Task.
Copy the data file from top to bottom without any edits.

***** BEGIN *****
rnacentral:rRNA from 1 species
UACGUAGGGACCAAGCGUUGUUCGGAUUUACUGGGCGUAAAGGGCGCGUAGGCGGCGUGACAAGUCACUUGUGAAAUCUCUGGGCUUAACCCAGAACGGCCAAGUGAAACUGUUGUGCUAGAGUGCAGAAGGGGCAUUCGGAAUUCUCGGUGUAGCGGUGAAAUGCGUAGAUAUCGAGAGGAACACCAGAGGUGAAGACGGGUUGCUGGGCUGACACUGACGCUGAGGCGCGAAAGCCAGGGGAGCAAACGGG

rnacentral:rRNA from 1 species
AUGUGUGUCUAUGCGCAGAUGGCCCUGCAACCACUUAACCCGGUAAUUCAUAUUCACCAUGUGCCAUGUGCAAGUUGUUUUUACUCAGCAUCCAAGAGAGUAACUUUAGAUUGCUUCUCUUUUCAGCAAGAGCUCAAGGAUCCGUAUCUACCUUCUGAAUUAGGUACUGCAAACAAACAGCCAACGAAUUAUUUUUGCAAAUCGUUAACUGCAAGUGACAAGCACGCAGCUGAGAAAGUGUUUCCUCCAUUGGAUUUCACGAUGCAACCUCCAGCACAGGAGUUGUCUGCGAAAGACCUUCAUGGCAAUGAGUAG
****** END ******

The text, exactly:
rnacentral:rRNA from 1 species
UACGUAGGGACCAAGCGUUGUUCGGAUUUACUGGGCGUAAAGGGCGCGUAGGCGGCGUGACAAGUCACUUGUGAAAUCUCUGGGCUUAACCCAGAACGGCCAAGUGAAACUGUUGUGCUAGAGUGCAGAAGGGGCAUUCGGAAUUCUCGGUGUAGCGGUGAAAUGCGUAGAUAUCGAGAGGAACACCAGAGGUGAAGACGGGUUGCUGGGCUGACACUGACGCUGAGGCGCGAAAGCCAGGGGAGCAAACGGG

rnacentral:rRNA from 1 species
AUGUGUGUCUAUGCGCAGAUGGCCCUGCAACCACUUAACCCGGUAAUUCAUAUUCACCAUGUGCCAUGUGCAAGUUGUUUUUACUCAGCAUCCAAGAGAGUAACUUUAGAUUGCUUCUCUUUUCAGCAAGAGCUCAAGGAUCCGUAUCUACCUUCUGAAUUAGGUACUGCAAACAAACAGCCAACGAAUUAUUUUUGCAAAUCGUUAACUGCAAGUGACAAGCACGCAGCUGAGAAAGUGUUUCCUCCAUUGGAUUUCACGAUGCAACCUCCAGCACAGGAGUUGUCUGCGAAAGACCUUCAUGGCAAUGAGUAG